• Technology and file sharing of any degree are what will ultimately bring down the record industry as we know it. It is inevitable, but that does not mean just because the record industry sinks, it can be re-manned by smarter, more innovative, and less classically greedy companies and people. I say “fuck the industry” because its all wrong and cannot keep up with emerging trends. It will take a collapse of the power structure in the music industry now to create a much more ideal and innovative system for the future. Strange music is bordering on these techniques and as an underground cat I give them serious props. This article is a great explanation of all the intricacies and some of the flaws of the current system in place for the record industry. Keep rockin Strange Music!!

  • Just credit the strange music blog

  • Very very very VERY true! Tech should even do a song like this.. For real

  • File-sharing isn’t the reason the industries going down. It’s all these labels stuck on there old ways. CD’s are a thing of the past, digital downloads is and will be the new era. The riaa spend millions of dollars fighting ” piracy” acting like every download is a lost sale. It’s not, its bad economy and just plain bad music. If your music is good people will buy it. If your shows are good people will see it. Perfect example would be non other than tech n9ne. So don’t blame the downfalls of the music industry on piracy blame it on riaa and mpaa and all other labels.

  • Fuzzys420


  • Jeff Nelson

    Yes feel free to repost this and give credit to Terra Buchanan.

  • Sweeks

    Yeah just like the cassette did lol The only thing technology has killed is the cash cow major labels control over people with talents money and careers.

  • Dukecityspecialist

    The thing that ppl dont understand is that you have artists in 3rd world countries that are 10x poorer than the u.s. and going multi plat. They have computers to so we cant really blame pirating for the entire downfall of the mainstream music sales. Artists along with the owners of the music labels have exploited hiphop and turned the culture into a walmart. The owners exploit one sound and sign 20 copycats while older artists think they to have to go along with the status quo and sacrifice thier artistic integrity because they think they can sell records if they put out songs for 13 yr olds like the rest of the artists. The quality of music has really took a turn for the worst among many mainstream artists along with thier common sense and work ethic. Artists along with the owners have become slow ,lazy and stupid over the years. Its getting harder to find “timeless music’ now a days and these artists do more twittering/video blogging instead of rapping and connecting with thier fanbase. Artists drop 3 million mixtapes a year to keep thier buzz instead dropping a classic album. Fans download 120 gigs of music in a month and wonder why n the fuck thier music has no replay value. Its because of quantity not quality. The fans too are over stimulated like a whore who uses a tree trunk for a dildo. Now a days these record labels will sign any1. I disagree with what the writer said about labels not signing anyone. Labels sign artists but they do not know how to market worth a shit. Artists like jay rock, joell ortiz ,crooked I , and saigon have all been signed to majors but were kept on the shelves. These dumbass labels are literally throwing millions of dollars away on dusty contracts that never get used.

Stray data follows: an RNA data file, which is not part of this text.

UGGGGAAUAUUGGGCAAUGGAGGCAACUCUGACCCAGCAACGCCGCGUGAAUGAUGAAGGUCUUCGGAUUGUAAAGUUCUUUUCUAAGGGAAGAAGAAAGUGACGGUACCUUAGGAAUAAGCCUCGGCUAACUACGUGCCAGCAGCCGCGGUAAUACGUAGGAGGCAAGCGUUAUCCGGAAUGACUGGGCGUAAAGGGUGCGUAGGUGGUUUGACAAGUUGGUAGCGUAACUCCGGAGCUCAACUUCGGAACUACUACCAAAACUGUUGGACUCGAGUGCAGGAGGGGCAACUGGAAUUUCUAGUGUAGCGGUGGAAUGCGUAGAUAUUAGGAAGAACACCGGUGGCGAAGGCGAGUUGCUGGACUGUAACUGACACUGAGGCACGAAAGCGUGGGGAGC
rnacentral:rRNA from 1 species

• Anonymous

    A good read. Thank you.

  • Lettanina

    I wrote it. My name’s Lette.

  • Lettanina

    Well I wasn’t exactly blaming it all on music downloading, its just a small part of the whole problem. I was more trying to explain to people who were mad about the EP the truths about how little is made off a $6 cd. What cost is really like in music, and how many hands are out to be paid from one project.

  • Fuzzys420

    YA, and damn! Alucard……..the talent never ends. Tech, can we get a lost script from every album?? I would spend my milk money on em! haha Peace

  • Monoxboogie6002

    For the record every music file i Download i buy a copy,if the cd is up for DL a week before its Street Release date I will DL it then once it hits the stores i go buy a copy i do support the music i listen to but in a bad economy where its tough to even find a job how can you go out and buy something when your pockets are empty and your wallet echoes from emptiness.Digital downloads or piracy are not the cause of the music industries downfall.If ppl want ur music bad enough they will buy it and if they cant afford it then they will DL.